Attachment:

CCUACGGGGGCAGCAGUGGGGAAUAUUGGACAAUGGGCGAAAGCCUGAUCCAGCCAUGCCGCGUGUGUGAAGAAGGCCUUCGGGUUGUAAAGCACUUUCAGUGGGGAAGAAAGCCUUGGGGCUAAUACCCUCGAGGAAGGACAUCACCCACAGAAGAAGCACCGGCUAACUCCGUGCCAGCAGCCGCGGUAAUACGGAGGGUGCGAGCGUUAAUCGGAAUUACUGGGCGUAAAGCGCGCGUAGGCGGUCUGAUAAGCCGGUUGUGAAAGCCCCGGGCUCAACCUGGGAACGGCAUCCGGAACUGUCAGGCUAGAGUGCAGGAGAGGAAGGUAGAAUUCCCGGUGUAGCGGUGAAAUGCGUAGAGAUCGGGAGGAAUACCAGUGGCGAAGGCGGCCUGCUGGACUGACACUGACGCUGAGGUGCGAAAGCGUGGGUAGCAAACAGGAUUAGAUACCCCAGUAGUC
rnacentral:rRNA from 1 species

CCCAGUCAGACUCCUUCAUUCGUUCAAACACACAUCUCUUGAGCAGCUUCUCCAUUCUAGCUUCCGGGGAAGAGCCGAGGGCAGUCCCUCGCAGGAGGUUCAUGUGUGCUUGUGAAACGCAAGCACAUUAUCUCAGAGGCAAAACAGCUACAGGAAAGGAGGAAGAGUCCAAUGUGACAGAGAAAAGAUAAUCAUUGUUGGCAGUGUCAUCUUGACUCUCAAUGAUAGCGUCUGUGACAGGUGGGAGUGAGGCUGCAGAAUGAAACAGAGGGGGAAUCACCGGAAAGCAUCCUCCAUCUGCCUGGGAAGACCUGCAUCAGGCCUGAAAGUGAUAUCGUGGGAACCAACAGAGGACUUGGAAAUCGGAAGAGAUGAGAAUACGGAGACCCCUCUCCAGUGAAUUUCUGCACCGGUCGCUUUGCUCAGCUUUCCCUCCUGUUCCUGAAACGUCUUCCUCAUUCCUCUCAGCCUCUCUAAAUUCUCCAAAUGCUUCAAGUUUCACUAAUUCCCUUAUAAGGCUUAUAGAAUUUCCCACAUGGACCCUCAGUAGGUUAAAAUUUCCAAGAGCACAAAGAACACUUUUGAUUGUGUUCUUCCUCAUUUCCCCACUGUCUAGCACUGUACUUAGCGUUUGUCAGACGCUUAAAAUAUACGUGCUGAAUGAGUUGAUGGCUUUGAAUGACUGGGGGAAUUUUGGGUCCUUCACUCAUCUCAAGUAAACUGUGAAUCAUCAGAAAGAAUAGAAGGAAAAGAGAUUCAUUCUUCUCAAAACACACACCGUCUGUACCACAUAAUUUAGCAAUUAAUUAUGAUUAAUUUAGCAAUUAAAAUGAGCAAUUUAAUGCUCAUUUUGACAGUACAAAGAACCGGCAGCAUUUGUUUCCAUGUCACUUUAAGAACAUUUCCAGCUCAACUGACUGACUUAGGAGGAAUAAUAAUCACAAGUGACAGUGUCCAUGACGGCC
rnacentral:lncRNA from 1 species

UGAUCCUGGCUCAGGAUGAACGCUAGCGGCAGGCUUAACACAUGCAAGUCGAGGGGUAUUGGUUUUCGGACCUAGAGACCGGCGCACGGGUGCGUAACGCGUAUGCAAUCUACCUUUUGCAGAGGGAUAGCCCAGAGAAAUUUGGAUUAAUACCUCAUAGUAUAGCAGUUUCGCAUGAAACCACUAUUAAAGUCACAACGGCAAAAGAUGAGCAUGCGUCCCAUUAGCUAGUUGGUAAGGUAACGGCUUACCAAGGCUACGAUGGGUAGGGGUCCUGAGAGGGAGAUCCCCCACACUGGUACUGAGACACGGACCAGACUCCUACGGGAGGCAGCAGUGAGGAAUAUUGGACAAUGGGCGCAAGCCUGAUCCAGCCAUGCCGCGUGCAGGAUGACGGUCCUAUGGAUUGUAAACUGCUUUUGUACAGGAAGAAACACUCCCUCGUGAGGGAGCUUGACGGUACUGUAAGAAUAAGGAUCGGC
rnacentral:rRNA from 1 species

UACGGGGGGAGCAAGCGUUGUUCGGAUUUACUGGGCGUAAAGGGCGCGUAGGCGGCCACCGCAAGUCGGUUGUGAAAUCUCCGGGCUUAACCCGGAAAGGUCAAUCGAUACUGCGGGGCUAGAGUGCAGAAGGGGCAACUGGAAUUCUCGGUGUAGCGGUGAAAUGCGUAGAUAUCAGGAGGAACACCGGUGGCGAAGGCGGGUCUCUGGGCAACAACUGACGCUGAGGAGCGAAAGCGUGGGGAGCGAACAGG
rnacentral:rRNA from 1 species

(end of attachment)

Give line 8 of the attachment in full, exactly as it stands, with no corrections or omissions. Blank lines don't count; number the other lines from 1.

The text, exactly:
rnacentral:rRNA from 1 species